De Loayza from Zynga gives some tips on social game design:

The exec explained that the San Francisco-headquartered Zynga now has 15-20 million active daily users, which compares favorably to existing websites like EA’s Pogo.com, which gets a similar amount of visitors — but every month, not every day….

The Zynga exec noted that simplicity is the key to success for many social games. In fact, he said: “Make it less game, more social,” and it’s important to “focus on traffic as much or more as gameplay.” He cited a successful title like Kickmania, where the gameplay is a simple as ‘kicking’ a friend on a network, with leaderboards and other things layered on top. He also noted that often, the more straightforward mechanic is the better.

There are some particularly good viral-related game mechanics, says De Loayza, with gift giving being a particularly good way to alert other users and get them to join your game. He cited PopCap’s Bejeweled Blitz as a notably interesting example of competition as a viral mechanic, where users can team up to compete and win prizes.

In addition, crew mechanics on more standard ‘spreadsheet games’ like Mafia Wars, where adding friends to the game gets you to level up, can be a major growth factor. As for notifications, which are the way social network games communicate with your users, “use them as much as possible,” says De Loayza. He did acknowledge in the Q&A that what could be considered as ‘spamming’ does happen in the space, even as Zynga tries to keep their notifications useful.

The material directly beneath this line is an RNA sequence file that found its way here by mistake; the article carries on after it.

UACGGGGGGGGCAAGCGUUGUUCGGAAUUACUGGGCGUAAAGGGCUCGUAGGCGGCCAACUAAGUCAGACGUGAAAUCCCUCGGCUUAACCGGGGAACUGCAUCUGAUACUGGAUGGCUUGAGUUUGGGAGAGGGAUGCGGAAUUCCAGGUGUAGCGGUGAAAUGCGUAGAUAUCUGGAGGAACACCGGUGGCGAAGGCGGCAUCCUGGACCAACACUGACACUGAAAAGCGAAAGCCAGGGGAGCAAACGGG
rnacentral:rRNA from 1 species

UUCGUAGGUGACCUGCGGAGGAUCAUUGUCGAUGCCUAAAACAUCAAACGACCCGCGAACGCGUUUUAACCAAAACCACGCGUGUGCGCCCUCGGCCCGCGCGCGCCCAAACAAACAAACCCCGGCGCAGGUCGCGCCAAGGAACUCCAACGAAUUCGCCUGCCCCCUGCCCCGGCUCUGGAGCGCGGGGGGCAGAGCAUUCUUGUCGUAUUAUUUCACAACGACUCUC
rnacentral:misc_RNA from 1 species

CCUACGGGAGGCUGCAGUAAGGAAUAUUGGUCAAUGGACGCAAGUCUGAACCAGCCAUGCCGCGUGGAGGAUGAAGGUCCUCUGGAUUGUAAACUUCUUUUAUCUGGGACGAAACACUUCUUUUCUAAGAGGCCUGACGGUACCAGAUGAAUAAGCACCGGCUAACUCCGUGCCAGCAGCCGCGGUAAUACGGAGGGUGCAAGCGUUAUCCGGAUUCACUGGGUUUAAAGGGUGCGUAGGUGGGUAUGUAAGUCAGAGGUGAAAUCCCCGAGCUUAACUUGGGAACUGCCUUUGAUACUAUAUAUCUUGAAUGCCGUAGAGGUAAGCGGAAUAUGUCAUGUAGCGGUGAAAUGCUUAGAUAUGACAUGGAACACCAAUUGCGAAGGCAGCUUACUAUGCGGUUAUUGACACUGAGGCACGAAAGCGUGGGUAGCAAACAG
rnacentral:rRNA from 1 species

How about the biggest mistakes you can make in the social network game space? De Loayza cited licenses, commenting: “I am not convinced that licenses necessarily work in this space… people just don’t seem to be that interested in it,” as well as linking to a destination site outside the social network, which “breaks the viral loop.”

Meretzhy from Playdom also had some tips on building virality and monetization:

He explained that the key issue of virality, or how to get your game to reach the widest possible audience, can be achieved using several popular mechanics. Game requests, active “wall-posts” and passive notifications are the favored methods where players are prodded to beat each other’s scores, join each other’s mobs or exchange gifts.

However, Meretzky pointed out that it’s not as easy as simply applying these mechanics: “Virality is made more complex by nearly everything falling outside of the terms of service,” making it necessary for a user to be in constant contact with the social networks.

Recently other methods have emerged to further the viral nature of social games.Farmville, Zynga’s hugely popular new Facebook game, uses a combined gifted invite method in its “lost cow” mechanic. When a cow wanders on to your virtual farm you aren’t allowed to keep it yourself, but can send it to a friend to get them started. This type of invite has a much higher acceptance rate than the standard message invite.